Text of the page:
I also pay my telephone bill at a local check cashing store. To me it is just a matter of convienence. I don’t use checks (so being “tempted” to pre-date a check with them at some 495% interest rate) isn’t even a worry. I used to pay my telephone bill by mail which meant a $.41 cent stamp on top of the $1.05 money order from the Post Office. Then worrying about IF it would ever arrive. When I pay my bill at the check casing center they charge me $1.00 and I have the receipt in hand and it is usually posted the next day. I have never had an problem with a payment not being recorded.

    I also pay my electric bill (free of charge) at a local Rent to Own store and my satellite TV bill at a convienence store for a $1.50 charge.

    This has helped me make sure none of my payments are ever late and helps me avoid any late payment fees because a money order fails to arrive on time.

  3. orielbean says:

    I still hew to the online bill pay model of my credit union. They will sign up with the biller to get you your monthly balance and due date each month. They will email you a reminder before it’s due. If they send the electronic payment and something happens, the bank/union goes to bat for you with the biller and will pay late/missed payment fees if appropriate.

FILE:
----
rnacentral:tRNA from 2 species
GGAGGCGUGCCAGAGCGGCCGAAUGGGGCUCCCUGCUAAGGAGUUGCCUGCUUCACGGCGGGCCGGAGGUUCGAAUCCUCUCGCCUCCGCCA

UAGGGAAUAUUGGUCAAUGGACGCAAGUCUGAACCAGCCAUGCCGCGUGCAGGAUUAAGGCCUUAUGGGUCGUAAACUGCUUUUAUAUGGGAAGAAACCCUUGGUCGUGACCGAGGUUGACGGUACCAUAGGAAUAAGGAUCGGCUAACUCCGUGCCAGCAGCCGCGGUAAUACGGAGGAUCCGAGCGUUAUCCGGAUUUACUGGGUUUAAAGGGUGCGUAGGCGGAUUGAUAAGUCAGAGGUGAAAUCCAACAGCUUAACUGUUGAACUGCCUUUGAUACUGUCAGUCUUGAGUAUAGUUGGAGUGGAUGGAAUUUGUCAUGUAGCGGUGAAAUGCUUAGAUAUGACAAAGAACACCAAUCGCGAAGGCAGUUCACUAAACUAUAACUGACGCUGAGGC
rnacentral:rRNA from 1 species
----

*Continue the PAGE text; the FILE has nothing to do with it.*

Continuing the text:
All your bill payment history is in one place. Only one login for the bank site. You can also set up automatic payments without giving that outside biller your sensitive checking account data that is stolen easily.

    If you have a bank and you are reading my comment on a computer, there is no excuse for not doing this. Seriously.

    My bank doesn’t charge at all for the service and you can add any company or even a person to a monthly billpay system.

    No stamps, none of those payment fees like Skyeblue is paying. None of it. You don’t need any sort of credit or score – my union has you put 5 bucks in a savings account as the startup deposit, and the rest is free if you get direct deposit on your paycheck into your normal checking account.

    No danger, no worries, no issues, nothing. I even get my direct deposit EARLY. Normally the paydate is the 10th, so the company sends the electronic fee 3-4 days before, so it posts on the 10th. When my DCU gets the initial feed on the 6th or 7th, they credit my account THAT DAY.

  4. jeffislouie says:

    Wow.
    I didn’t know there were people out there that didn’t use checks at all.
    Odd behavior, but to each his own….
    My mom almost started one of these shady loan places. I’m glad she didn’t. It wasn’t a payday loan, but it was an auto title loan. You bring the title, they issue you a loan at 29%.